Get Ready to Photograph the Eclipse with your Phone



It’s Monday and the long awaited total eclipse is here! Kansas City is off to a dreary start with rainy weather, but we aren’t letting that cloud our excitement for the rare solar event.  Depending on where you are located around the US, some views are better than others, but surely you’re ready to take some photos of your experience. Our phones are our go-to cameras these days and we have some quick tips on how to maximize your iPhone and Android photography skills for Instagram-worthy eclipse pics today.

Safeguard Your Eyesight

You are going to want to heed this warning, because it could mean the difference between keeping your eyesight 20/20 or going blind. That’s no joke. Staring at the sun can seriously damage your eyes, so make sure you have your special eclipse glasses handy.

Refer to the American Astronomical Society (AAS) Reputable Vendors of Solar Filters & Viewers (link is external) site for a list of makers and dealers of the glasses that are verified to be compliant with the ISO 12312-2 international safety standard. 

Make sure to always supervise children using solar filters. Be considerate of beloved pets that may be outside and prone to looking up at the sun unprotected today by taking them indoors during peak hours.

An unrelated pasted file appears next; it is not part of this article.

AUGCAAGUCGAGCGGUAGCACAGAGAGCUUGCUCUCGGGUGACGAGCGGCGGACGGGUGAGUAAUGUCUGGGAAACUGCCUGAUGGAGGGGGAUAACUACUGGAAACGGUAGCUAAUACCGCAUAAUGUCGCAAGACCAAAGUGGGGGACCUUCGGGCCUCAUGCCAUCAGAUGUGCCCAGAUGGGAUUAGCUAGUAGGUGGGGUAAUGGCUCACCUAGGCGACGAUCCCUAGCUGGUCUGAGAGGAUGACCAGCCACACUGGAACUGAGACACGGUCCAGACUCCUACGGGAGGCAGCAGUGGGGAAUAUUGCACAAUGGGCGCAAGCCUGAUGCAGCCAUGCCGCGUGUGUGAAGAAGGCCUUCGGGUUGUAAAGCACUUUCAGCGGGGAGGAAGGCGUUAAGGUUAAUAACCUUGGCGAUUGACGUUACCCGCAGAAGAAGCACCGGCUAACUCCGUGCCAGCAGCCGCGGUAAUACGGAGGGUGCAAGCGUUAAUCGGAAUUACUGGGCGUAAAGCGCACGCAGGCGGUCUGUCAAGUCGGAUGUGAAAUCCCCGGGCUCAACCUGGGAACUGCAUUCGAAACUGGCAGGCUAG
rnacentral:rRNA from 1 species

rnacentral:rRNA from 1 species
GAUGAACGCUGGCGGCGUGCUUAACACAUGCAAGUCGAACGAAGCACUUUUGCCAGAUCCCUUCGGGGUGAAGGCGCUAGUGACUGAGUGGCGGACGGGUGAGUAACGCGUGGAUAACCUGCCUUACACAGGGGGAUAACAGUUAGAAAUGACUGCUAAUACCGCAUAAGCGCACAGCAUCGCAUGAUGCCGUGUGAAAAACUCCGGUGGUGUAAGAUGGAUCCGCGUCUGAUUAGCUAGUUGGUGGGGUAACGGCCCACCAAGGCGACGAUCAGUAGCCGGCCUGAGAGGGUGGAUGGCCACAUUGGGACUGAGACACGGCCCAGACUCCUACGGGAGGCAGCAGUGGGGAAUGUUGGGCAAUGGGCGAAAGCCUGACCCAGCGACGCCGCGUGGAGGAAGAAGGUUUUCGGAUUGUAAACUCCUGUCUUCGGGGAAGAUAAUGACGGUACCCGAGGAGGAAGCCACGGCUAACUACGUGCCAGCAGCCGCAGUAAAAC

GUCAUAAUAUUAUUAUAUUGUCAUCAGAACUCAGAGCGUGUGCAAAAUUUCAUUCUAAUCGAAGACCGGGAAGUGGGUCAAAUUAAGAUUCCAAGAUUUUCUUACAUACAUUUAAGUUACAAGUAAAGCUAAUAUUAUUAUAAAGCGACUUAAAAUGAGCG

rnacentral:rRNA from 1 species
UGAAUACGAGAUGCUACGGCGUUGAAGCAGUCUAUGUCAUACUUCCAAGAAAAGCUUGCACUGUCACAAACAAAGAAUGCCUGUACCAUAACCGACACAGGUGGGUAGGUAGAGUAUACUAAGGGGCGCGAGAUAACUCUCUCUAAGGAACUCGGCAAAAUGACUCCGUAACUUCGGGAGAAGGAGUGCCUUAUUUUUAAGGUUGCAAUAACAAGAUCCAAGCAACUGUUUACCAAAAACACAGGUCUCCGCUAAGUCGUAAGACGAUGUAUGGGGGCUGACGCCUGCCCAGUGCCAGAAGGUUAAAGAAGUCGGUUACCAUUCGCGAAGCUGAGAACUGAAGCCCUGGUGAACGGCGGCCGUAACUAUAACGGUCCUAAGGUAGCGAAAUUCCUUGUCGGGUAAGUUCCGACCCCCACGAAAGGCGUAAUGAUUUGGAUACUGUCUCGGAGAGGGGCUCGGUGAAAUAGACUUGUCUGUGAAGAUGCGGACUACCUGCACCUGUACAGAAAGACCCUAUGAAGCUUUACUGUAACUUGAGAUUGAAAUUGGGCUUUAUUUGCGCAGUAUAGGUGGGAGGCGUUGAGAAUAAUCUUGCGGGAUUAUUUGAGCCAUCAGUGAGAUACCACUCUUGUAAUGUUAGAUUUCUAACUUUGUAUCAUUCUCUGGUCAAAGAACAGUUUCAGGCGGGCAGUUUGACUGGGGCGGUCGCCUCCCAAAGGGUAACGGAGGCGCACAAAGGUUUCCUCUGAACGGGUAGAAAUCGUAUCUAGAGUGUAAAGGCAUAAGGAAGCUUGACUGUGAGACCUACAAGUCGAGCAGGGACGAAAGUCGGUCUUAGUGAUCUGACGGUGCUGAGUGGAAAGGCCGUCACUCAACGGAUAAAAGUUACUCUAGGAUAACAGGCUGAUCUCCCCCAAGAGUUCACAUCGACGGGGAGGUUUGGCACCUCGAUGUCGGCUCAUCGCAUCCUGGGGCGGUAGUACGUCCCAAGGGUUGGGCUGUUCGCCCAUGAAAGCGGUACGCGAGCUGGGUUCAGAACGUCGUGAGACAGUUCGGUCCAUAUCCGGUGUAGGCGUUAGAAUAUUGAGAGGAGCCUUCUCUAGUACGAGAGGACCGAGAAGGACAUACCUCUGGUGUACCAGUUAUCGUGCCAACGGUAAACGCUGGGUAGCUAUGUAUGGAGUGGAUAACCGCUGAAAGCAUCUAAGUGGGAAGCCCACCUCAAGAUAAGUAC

Is it Safe for my Phone?

There has been a great deal of chatter online about whether you can damage your smartphone’s camera by aiming it directly at the sun. Many opinions floating around the net claim it is generally safe if kept brief. Another clever tip is to place a pair of solar glasses in front of your camera lens before you snap your photos. Do yourself a favor and read up on some quick research. Decide if you’re ready to risk camera issues. NASA has put together a guide that details the safety issues of photographing the eclipse by phone. Hey, worst case scenario, you can call your buddies at Mission Repair to mend your damaged camera!

Stabilize Your Settings

Most smartphones have camera applications that will allow you to set and lock exposure and points of focus. Long press on the display to lock the focus on the sun and then you should be able to slide up and down with your finger to adjust the amount of exposure. In this situation, you will want to lower the exposure setting overall to counteract the bright glow of the sun.

Gear and Accessories

Use a selfie stick, tripod, or DIY item to hold your device steady. Not only will this result in clearer, focused images, but you can be hands-free and able to enjoy watching the eclipse yourself.

Capture the Motion

Set it and forget it. Take a time-lapse video, a setting that comes standard on most popular iPhone and Samsung Galaxy lines. Some Android devices will require downloading a third-party app for time-lapse apps from the Play Store. We recommend, Boomerang, a catchy app that takes looping mini-videos perfect for social media sites such as Instagram or Facebook.


Whether you choose to use your phone, or leave it up to the professional photography devices to capture the stunning sight….Be safe, have fun, share your photos and experience in our comment section or Facebook page and enjoy the magic of this rare moment!

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